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DigiPlayspace 2017 Returns this Winter!
Learn to code, control robots, paint with light, travel through space and visit Canada’s National Parks through high-tech experiences at TIFF Bell Lightbox
Imagine a world where users control a robotic arm that mimics human movement, interact with the solar system and space across a circle of 28 iPads, and paint with light while the environment around them begins to glow. This is the world of digiPlaySpace, where interactive art, design, and activities from acclaimed Canadian and international artists highlight the power of creative technology for kids and those young at heart. Opening just in time for Family Day, the sixth digiPlaySpace exhibition runs for an extended nine weeks at TIFF Bell Lightbox, from February 18 to April 23, 2017.
“When the winter months have everyone staying indoors, digiPlaySpace is an action-packed technology playground that keeps our bodies and minds active,” said Elizabeth Muskala, Director, Youth Learning and TIFF Kids. “Moving from one installation to the next, visitors will be able to play with and learn from a diverse array of new media experiences staged in a fun and entertaining environment.”
“digiPlaySpace will inspire and teach kids—and adults—about future technologies and unlock their creative potential,” added Matt NishLapidus, Co-Curator, digiPlaySpace. “Coding teaches logic and problem solving skills, and helps to succeed in an increasingly digital world. At digiPlaySpace, you’ll get hands-on experience with robots, programming, and basic electronics so you can start creating your own amazing inventions.”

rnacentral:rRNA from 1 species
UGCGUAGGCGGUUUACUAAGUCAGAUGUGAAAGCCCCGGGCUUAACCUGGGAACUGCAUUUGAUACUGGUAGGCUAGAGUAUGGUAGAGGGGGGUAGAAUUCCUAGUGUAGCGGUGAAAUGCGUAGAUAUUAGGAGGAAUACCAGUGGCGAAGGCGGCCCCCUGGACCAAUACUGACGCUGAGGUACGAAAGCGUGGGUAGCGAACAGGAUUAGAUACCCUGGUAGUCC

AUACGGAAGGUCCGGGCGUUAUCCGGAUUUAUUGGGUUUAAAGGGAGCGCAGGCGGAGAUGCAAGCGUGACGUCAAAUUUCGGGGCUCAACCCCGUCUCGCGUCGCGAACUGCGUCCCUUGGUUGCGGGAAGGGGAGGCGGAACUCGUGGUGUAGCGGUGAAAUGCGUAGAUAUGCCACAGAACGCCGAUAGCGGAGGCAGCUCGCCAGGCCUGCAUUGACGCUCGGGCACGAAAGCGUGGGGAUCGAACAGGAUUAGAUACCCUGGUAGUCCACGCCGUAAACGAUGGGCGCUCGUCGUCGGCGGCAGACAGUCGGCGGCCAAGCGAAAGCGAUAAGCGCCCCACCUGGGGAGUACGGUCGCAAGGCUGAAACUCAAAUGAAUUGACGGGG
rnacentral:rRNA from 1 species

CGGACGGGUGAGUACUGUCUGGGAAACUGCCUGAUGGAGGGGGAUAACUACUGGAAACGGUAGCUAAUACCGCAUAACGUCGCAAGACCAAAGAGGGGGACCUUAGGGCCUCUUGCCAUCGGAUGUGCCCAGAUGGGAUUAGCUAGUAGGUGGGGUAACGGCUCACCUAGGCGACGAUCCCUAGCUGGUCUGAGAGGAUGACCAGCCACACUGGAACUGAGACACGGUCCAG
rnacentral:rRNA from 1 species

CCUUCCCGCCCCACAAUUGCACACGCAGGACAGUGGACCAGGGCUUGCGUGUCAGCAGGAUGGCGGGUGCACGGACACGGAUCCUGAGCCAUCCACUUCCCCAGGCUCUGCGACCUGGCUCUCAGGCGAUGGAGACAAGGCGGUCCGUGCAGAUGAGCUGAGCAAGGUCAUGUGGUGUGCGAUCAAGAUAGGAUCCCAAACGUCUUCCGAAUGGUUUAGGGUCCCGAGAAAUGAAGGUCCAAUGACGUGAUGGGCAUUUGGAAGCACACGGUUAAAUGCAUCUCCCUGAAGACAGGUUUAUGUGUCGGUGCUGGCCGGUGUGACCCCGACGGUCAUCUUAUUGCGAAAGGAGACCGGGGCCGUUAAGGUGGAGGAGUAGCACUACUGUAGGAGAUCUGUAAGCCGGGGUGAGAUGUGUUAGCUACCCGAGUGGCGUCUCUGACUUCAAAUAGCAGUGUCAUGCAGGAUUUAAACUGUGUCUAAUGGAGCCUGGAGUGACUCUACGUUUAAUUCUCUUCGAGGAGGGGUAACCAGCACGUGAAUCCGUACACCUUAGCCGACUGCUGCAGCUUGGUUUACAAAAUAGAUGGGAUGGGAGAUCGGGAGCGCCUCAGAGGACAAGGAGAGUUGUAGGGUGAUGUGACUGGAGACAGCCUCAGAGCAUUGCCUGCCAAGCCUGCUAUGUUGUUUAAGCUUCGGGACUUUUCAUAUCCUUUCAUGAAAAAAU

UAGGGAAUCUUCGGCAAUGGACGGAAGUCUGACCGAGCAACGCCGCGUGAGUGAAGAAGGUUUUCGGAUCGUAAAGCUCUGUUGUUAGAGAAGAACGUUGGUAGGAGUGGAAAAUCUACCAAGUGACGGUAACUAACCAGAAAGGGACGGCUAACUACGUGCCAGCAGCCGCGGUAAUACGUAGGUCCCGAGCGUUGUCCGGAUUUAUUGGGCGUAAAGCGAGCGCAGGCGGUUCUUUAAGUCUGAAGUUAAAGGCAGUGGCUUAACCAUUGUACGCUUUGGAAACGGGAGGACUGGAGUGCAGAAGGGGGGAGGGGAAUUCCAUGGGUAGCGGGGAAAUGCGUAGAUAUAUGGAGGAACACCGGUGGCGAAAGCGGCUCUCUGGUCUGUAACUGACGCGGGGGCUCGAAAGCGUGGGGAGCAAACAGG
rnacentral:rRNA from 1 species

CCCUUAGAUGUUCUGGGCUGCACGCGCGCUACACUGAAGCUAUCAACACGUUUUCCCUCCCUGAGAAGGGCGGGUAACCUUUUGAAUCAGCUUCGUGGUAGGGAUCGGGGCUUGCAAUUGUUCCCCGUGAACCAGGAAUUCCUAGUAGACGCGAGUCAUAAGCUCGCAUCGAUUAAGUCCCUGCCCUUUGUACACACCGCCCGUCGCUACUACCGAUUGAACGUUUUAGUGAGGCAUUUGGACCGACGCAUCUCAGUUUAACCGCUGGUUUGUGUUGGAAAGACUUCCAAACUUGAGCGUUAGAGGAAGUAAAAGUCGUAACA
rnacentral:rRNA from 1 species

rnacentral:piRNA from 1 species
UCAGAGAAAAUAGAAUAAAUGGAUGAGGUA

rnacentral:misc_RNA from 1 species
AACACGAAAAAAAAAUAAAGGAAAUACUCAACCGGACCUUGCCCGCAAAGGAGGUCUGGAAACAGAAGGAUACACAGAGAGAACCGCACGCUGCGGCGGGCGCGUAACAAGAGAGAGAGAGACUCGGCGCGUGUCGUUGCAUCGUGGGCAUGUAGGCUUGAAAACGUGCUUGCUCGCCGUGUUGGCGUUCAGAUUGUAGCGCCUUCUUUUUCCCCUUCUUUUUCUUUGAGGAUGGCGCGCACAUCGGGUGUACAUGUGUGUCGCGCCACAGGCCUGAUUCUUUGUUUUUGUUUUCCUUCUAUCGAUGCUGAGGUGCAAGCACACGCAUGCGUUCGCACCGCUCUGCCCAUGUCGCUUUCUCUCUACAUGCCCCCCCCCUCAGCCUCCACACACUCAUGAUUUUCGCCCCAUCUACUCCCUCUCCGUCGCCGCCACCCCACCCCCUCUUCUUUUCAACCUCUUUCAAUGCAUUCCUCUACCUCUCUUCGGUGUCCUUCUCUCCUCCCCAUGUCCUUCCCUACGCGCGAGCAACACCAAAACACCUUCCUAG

The 2017 digiPlaySpace lineup includes 23 exhibits from eight countries. Internationally acclaimed and award-winning interactive studio Design I/O returns with the world premiere of Mimic, a robotic arm from Universal Robots that mimics the movement of those who interact with it, creating an ever-changing dialogue between human and machine. Mimic is commissioned by TIFF and was developed through an artist residency at the Frank-Ratchye STUDIO for Creative Inquiry at Carnegie Mellon University.
Johannes Kristmann and Alexander Pieper’s Canuu takes over the TIFF Bell Lightbox atrium wall, a videogame where any number of players collaborate to paddle a canoe around obstacles. Kids can learn coding and math with Osmo physical blocks and shapes that control playful digital characters, while Coding Characters with Little Robot Friends encourages the creative exploration of math and music, and inspires young minds to discover their inner inventor.
Additional highlights include the world premiere of Flight Painting, commissioned by TIFF from Amsterdam’s FROLIC Studio, where visitors can create beautiful 3D light paintings; the world premiere of M/O, an interactive sculpture of 28 iPads that allows viewers to touch and move comets, solar systems, planets, and moons in a mini universe, from Vancouver-based artistic research and creative development studio Logic&Form; the world premiere of Toronto-based artist and illustrator John Martz’s Animation Space Station, which captures images through the magic of stop-motion and allows kids and families to float in space, run from aliens, and more; the North American premiere of Virtual Growth, from Netherlands artist Lieven van Velthoven, where light grows to trace the environment, illuminating hidden edges and organically interacting with people and objects; hockey gets a very non-traditional treatment in HOKY, from Kitty Calis, Jan Willem Nijman, and Eirik Suhrke; and this year’s green screen adventure, Canada on (Green) Screen, invites audiences to travel across the country using HD footage from Parks Canada, in celebration of Canada 150.
After the run in Toronto, Flight Painting, HOKY and Virtual Growth will join the international digiPlaySpace exhibition tour, with its next stop at The DoSeum in San Antonio, Texas, from June 3 to September 4, 2017.
Full lineup below. digiPlaySpace is co-curated by Elizabeth Muskala, Nick Pagee, and Matt Nish-Lapidus.